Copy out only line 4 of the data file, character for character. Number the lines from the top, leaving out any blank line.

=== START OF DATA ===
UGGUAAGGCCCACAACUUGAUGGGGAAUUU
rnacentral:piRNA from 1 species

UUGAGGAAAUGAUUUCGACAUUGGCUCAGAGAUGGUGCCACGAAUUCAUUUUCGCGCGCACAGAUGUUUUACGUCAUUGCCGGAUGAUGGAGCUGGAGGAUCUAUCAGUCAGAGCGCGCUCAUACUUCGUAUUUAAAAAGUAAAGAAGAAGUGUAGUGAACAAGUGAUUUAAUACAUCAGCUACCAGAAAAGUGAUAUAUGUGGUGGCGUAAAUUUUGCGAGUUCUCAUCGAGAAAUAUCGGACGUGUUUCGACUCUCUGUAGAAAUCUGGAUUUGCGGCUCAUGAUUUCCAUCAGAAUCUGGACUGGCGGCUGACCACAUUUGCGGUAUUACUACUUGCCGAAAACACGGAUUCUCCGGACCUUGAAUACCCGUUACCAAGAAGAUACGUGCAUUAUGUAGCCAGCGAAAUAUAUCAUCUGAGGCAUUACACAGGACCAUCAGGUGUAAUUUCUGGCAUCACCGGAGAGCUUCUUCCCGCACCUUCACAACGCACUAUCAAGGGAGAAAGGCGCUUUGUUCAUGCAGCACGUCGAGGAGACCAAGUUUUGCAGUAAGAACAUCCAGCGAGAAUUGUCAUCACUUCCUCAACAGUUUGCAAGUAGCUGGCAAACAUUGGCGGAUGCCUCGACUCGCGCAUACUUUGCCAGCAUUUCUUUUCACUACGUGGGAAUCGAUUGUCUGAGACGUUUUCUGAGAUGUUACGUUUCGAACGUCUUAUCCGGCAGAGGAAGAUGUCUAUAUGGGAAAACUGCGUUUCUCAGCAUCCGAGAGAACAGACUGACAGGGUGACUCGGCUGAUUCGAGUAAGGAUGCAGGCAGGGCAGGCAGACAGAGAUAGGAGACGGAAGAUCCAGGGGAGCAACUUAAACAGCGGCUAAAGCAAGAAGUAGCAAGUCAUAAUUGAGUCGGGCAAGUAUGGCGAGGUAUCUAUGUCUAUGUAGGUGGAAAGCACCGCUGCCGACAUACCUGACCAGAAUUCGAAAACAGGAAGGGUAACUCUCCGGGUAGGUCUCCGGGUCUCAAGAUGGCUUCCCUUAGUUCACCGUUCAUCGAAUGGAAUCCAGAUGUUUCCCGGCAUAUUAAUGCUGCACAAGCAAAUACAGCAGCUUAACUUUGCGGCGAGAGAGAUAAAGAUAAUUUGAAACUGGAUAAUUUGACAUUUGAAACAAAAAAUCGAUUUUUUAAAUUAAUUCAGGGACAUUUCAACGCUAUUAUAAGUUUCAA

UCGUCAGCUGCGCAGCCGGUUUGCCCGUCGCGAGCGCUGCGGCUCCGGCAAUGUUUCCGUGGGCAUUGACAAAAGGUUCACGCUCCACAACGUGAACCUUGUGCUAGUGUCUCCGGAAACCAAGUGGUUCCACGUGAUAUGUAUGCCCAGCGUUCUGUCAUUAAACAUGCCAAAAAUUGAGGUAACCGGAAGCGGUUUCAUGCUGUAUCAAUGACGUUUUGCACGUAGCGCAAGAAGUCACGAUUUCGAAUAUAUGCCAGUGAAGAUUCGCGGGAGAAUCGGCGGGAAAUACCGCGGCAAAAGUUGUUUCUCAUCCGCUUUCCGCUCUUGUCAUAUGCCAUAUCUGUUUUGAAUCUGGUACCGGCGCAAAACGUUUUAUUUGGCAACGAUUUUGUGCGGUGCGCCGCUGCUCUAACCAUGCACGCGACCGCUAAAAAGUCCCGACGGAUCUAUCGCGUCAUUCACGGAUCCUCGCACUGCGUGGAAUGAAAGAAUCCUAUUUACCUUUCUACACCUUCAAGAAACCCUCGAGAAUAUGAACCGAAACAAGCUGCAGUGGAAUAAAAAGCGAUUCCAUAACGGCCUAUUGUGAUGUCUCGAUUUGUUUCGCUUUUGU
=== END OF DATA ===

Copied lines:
UCGUCAGCUGCGCAGCCGGUUUGCCCGUCGCGAGCGCUGCGGCUCCGGCAAUGUUUCCGUGGGCAUUGACAAAAGGUUCACGCUCCACAACGUGAACCUUGUGCUAGUGUCUCCGGAAACCAAGUGGUUCCACGUGAUAUGUAUGCCCAGCGUUCUGUCAUUAAACAUGCCAAAAAUUGAGGUAACCGGAAGCGGUUUCAUGCUGUAUCAAUGACGUUUUGCACGUAGCGCAAGAAGUCACGAUUUCGAAUAUAUGCCAGUGAAGAUUCGCGGGAGAAUCGGCGGGAAAUACCGCGGCAAAAGUUGUUUCUCAUCCGCUUUCCGCUCUUGUCAUAUGCCAUAUCUGUUUUGAAUCUGGUACCGGCGCAAAACGUUUUAUUUGGCAACGAUUUUGUGCGGUGCGCCGCUGCUCUAACCAUGCACGCGACCGCUAAAAAGUCCCGACGGAUCUAUCGCGUCAUUCACGGAUCCUCGCACUGCGUGGAAUGAAAGAAUCCUAUUUACCUUUCUACACCUUCAAGAAACCCUCGAGAAUAUGAACCGAAACAAGCUGCAGUGGAAUAAAAAGCGAUUCCAUAACGGCCUAUUGUGAUGUCUCGAUUUGUUUCGCUUUUGU